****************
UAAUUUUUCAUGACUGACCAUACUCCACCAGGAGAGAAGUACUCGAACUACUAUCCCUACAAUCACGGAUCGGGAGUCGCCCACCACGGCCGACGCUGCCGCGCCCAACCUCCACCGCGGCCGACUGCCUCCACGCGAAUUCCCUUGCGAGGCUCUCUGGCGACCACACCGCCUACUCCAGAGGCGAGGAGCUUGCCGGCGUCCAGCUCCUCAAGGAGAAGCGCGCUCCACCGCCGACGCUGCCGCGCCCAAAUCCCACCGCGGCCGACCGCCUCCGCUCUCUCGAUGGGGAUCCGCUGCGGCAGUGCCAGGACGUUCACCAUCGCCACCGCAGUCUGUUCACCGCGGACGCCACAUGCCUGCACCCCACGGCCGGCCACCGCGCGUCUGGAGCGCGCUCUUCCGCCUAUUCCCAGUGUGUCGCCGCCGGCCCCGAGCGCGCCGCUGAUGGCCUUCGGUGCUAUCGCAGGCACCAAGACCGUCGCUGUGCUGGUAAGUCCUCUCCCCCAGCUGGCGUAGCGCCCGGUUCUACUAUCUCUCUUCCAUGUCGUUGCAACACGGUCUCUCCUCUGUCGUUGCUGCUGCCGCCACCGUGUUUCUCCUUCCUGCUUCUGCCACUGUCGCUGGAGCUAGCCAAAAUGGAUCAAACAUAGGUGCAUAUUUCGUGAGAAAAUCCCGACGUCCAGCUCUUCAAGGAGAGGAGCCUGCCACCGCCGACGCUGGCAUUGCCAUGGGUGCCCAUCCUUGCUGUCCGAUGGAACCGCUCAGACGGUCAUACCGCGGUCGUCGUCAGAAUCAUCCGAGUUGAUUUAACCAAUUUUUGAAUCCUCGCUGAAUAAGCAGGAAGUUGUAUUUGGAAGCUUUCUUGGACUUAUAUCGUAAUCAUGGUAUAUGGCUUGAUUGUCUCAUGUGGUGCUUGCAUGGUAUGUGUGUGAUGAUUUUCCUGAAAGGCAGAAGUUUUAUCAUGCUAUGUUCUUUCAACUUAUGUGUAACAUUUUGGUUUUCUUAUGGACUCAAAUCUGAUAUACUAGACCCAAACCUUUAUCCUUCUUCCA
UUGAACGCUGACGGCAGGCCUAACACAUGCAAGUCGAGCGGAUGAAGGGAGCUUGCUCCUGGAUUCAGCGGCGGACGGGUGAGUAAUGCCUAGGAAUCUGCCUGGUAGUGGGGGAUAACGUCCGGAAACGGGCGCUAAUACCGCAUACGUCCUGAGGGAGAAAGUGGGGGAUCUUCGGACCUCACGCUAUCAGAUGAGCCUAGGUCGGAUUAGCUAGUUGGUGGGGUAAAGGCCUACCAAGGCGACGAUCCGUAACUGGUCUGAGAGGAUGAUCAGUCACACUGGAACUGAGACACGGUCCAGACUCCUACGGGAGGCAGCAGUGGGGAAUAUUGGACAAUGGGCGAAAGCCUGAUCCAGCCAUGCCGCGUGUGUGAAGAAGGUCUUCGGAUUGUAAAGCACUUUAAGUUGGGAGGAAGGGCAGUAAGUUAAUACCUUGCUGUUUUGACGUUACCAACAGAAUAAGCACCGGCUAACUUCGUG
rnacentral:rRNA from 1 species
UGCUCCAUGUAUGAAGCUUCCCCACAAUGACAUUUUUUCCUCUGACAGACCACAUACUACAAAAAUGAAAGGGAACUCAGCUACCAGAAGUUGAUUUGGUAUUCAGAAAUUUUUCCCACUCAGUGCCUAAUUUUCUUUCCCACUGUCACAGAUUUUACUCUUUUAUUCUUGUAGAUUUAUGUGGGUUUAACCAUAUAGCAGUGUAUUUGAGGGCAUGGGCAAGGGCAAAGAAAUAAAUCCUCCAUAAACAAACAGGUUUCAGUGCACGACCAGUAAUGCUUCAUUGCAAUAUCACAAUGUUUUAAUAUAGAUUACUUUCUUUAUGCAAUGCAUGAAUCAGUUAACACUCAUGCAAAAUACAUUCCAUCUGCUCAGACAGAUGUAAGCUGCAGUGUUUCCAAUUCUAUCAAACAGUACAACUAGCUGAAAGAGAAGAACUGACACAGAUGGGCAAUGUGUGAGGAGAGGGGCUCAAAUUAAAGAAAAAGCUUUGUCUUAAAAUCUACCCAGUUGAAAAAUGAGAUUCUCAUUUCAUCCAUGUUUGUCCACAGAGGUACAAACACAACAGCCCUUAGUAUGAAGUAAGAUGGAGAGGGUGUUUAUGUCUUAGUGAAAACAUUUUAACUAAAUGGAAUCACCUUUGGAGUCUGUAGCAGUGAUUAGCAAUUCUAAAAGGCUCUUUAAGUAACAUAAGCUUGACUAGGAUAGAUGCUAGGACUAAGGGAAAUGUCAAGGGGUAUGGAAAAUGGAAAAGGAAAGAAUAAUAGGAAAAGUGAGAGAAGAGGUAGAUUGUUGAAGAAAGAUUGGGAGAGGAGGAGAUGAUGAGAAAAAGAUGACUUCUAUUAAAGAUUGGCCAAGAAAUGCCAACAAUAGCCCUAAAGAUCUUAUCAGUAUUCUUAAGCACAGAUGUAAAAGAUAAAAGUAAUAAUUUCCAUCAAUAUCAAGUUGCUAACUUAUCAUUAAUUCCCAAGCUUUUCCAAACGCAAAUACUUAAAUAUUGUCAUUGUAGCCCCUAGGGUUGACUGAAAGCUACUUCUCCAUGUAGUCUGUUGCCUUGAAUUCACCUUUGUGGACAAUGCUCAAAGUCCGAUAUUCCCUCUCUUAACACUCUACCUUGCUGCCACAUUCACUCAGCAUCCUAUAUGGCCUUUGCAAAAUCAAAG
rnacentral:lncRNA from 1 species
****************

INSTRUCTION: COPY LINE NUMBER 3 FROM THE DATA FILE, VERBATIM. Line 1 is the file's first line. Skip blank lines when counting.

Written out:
rnacentral:rRNA from 1 species